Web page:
Skoda, nepotism, and cheese

From the hurly-burly of the media come three noteworthy stories.

Firstly, Skoda, purveyor of one-time jokes on four wheels. “What do you call a skip with a roof?” “A Skoda”. Over the past ten years they’ve made a remarkable three-point turn, becoming the badge of choice for cunning consumers who know they’re essentially getting a VW but for several grand less. It’s of particular interest to me because about fifteen years ago when I first wanted to be a copywriter I worked for free on an advertising brief from Saatchi and Saatchi to reposition the brand. My fumbling attempts were laughable: one involved showing a rusty bucket next to a shiny Skoda with the line “Which would you rather have?” Cue guffawing aplenty and I became a technical author instead. Ho hum. But Skoda’s success shows how canny marketing and joined-up business sense can successfully realise a strategic objective and rehabilitate a damaged brand. Very much like myself who can now look in the mirror, stand erect and say every morning “I am a copywriter.”

Which leads me nicely to writers. On the Radio 4 Today programme yesterday morning, just before I plunged into the darkness that is the Underground, I heard the preamble to the next item which was to discuss whether children of famous writers benefit from being, well, children of famous writers. And, in a wonderful möbius loop of publicity, who was going to discuss this but Stephen King’s son, Joe Hill. Apparently he’s been writing for ten years without telling anyone he’s Stephen King’s son, which is nice, but it still remains deliciously ironic that of course they benefit because they get invited to talk about it on broadcast media. A rose by any other name would have nowhere near as much PR potential. Just think, if my dad hadn’t been a logistics consultant I could have written The Great 21st Century British Novel. I’d imagine Christopher Tolkien benefitted from his father’s input to Lord of the Rings. Likewise Peter Amis probably got a lift from being his father’s son. Hmmm.

Which segues nicely to cheese. Today on Today, CheddarVision. Yes, CheddarVision. You can log on to a webcam and see cheese maturing. They’ve had half a million hits. HALF A MILLION. Let’s think about the ROI for second. Cost of buying webcam and URL, probably less than thirty quid. Cost of exposure to half a million ‘cheese geeks’ as James Naughtie termed them? Incalculable. It’s a brilliant, brilliant PR move. This isn’t just cheese, it is now Famous Cheese, and everyone will want a bite. They’ll do for West Country Farmhouse Cheesemakers what Wallace and Gromit did for Wensleydale. The only off-note in this bouquet of creamy goodness is that I’ve looked good and hard and as far as I can tell it’s actually a static image, part of a Flash movie in fact. If this is so and it’s not ‘real’ then part of me thinks it’s foolish in the extreme because they could end up with, well, egg on their faces. But everyone at the agency today was looking at it to try and figure out whether or not it’s genuine and a rather tasty email thread ensued with fantastic cheese-related puns. Apparently you need to tune in at 10am every day to see it being turned. This could be Proof. So, it’s a 10am appointment on the internet for me tomorrow, hats off to Isotope Communications, and let them be edamned if it backfires. Gouda on them. They’ll brie laughing all the way to the bank.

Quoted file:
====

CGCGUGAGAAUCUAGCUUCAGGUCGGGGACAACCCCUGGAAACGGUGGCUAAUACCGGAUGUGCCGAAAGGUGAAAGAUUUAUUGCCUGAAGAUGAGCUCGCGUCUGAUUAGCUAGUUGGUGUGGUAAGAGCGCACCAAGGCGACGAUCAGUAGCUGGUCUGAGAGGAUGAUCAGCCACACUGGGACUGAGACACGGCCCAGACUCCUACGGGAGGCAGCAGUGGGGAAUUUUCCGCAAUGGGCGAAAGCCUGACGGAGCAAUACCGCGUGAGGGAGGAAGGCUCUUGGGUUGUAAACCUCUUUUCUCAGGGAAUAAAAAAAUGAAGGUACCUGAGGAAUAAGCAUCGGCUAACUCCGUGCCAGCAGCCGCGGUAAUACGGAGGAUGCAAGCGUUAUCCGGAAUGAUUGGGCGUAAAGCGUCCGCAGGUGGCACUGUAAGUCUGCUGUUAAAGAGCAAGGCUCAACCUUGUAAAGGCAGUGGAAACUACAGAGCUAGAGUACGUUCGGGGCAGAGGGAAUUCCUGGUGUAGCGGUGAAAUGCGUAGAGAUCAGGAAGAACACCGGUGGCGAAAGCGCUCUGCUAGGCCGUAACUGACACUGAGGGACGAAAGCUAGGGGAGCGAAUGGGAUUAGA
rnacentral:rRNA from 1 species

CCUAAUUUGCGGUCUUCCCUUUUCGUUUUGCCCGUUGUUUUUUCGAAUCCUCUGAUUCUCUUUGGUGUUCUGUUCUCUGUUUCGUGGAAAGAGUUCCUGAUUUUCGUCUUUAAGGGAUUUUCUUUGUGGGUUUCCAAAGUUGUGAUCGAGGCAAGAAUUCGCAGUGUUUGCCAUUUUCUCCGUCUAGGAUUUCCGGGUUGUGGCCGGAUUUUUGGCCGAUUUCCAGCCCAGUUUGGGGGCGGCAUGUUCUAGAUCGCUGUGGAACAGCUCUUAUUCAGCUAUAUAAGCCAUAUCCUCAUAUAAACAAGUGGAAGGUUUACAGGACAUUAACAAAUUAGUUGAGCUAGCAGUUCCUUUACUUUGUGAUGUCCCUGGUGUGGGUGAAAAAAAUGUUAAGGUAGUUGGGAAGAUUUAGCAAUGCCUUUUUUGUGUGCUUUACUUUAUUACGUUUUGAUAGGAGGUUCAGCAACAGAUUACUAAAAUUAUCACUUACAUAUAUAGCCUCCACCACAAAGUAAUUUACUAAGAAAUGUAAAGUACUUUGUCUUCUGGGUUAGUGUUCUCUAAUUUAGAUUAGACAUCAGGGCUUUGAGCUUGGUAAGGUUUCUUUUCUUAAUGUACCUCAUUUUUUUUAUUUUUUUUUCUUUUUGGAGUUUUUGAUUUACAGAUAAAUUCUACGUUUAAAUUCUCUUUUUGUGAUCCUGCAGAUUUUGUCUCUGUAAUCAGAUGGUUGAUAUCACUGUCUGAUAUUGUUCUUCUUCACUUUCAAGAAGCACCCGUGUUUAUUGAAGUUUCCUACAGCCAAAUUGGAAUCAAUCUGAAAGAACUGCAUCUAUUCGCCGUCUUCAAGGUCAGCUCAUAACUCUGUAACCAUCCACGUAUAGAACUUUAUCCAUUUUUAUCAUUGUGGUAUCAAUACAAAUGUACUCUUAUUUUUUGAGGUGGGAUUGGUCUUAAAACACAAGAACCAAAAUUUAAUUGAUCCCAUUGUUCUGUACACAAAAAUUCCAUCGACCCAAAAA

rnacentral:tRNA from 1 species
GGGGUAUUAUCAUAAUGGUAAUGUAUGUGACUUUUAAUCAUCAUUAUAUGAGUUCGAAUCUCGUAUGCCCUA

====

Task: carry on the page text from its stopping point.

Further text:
3 thoughts on “Skoda, nepotism, and cheese

  1. Hi Brendan,

    Know it’s a bit late in the day to be commenting! – just came across your post.

    Just thought you’d like to know that the cheese wasn’t a hoax. The Flash movie is about load distribution and control…

    A single server collects the image every second from the camera and distributes it to a number of other servers… the server also employs some motion-detection to look for changes in the image…

    The Flash players collect a small text file constantly (every second or two) which contains a ‘framerate’… that framerate controls how frequently the flash should collect the image.

    Therefore, most of the time all the flash players are only updating a couple of times a minute but when someone does something in front of the cameras all flash players pick up the framerate almost immediately.

    This can cause some _serious_ load spikes as you can imagine! – we learned a lot about load-balancing!!

    The framerate measurement also controls the archive-rate. We’ve been saving a picture every minute or so but when motion is detected we start saving constantly.

    That way we’ve managed to create a full 1-year timelapse of the cheese with all the interesting bits in detail and without running out of hard-disc space!

    You can see the time-lapses on You Tube. This is the full 12 months:

    All the best,


  2. Pingback: The Greatest Viral Ever - and other assorted examples « Brendan Cooper, your Friendly Digital Social Media PR, ummm, Thingy

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